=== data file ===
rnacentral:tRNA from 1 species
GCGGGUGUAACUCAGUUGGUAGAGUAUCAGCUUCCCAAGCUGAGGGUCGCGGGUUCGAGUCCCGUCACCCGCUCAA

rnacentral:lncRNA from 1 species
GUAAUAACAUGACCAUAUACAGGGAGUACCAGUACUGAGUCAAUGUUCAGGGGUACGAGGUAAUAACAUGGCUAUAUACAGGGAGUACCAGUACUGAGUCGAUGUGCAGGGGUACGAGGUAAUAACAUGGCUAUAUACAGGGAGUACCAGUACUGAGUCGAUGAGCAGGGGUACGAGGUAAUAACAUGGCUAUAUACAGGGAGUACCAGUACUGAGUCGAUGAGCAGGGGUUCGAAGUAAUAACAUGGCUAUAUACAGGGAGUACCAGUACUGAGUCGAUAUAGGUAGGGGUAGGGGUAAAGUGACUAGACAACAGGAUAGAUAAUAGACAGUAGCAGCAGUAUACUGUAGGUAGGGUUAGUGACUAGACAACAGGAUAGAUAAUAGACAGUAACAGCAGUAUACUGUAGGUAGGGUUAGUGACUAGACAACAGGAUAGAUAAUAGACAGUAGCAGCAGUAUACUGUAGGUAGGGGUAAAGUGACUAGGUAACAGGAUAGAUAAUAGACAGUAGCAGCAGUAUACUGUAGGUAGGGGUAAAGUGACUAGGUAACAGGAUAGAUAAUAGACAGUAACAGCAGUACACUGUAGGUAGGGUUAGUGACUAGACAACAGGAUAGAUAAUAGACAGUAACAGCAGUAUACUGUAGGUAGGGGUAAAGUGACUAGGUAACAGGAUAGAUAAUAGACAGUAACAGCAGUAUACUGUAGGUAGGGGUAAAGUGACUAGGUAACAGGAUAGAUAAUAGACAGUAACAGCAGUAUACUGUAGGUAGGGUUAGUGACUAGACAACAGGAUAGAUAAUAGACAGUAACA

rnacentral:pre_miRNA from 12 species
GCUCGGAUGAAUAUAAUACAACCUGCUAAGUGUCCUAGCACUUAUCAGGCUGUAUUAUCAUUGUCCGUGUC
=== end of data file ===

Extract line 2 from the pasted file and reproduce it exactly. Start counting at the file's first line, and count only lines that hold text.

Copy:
GCGGGUGUAACUCAGUUGGUAGAGUAUCAGCUUCCCAAGCUGAGGGUCGCGGGUUCGAGUCCCGUCACCCGCUCAA